Friday, November 27, 2020

Black Friday Stuff

A repost from Friday, November 24, 2017.

First up, the two Thanksgiving Day pieces from the Paris Review are just so satisfying I had the brilliant thought to check what P.R. might have for Black Friday.
And was rewarded with:

Black Friday, the Poem

The Paris Review staff is off in a tryptophan-induced haze, so we’re reposting some of our favorite Thanksgiving pieces. Enjoy your holiday!
“The New York Gold Room on ‘Black Friday,’ September 24, 1869.” —E. Benjamin Andrews 1895
While most of us know Black Friday as the nightmarish commerce-fest following Thanksgiving—a term coined in Philadelphia in 1961—in fact the nom de guerre dates back to the nineteenth century. In 1869, the robber barons Jay Gould and James Fisk attempted to corner the gold market, resulting in financial crisis and scandal.

E. C. Stedman, a poet and broker(!), wrote the following:
One Hundred and Sixty! Can’t be true!
What will the bears-at-forty do?
How will the merchants pay their dues?
How will the country stand the news?...


We too have referenced the doings on Sept 24, 1869. An example from 2013:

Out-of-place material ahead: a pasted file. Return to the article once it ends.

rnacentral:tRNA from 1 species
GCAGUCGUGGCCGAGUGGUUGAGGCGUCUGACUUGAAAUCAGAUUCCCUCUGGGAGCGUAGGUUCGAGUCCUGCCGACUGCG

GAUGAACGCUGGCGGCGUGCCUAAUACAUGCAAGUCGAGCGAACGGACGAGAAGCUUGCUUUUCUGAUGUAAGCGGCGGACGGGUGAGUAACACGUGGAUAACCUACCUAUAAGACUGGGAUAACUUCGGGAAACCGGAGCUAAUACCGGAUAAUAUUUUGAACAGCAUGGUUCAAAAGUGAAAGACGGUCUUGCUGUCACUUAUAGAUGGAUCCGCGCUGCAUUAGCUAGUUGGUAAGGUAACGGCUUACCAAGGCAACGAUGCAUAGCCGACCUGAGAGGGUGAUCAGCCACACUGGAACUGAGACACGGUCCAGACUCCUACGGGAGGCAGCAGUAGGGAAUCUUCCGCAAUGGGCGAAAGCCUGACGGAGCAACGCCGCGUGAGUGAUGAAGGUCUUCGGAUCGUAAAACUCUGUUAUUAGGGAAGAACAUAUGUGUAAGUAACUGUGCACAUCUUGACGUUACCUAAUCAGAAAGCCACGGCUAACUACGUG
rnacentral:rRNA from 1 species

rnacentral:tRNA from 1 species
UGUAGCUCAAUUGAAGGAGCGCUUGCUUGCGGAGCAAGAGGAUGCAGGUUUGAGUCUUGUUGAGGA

It May Have Been October 2008 When I Lost My Mind

....Here's a stock market oriented version of Steely Dan's "Black Friday"*, worth the watch:

*The song refers to Black Friday, September 24, 1869 when an attempted corner of the gold market by James Fisk and Jay Gould was broken by the Federales.

When Black Friday comes
I'll stand down by the door
And catch the gray men
When they dive from the fourteenth floor
When Black Friday comes
I'll collect everything I'm owed
And before my friends find out
I'll be on the road
When Black Friday falls you know it's got to be
Don't let it fall on me...

Over at ZeroHedge they will probably be doing the annual Tally of the Mayhem, although with coronavirus restrictions a lot of the shopping-from-home crowd are only at risk from friends and family. 

Here's hoping no one gets killed at Walmart. 

Or at their keyboard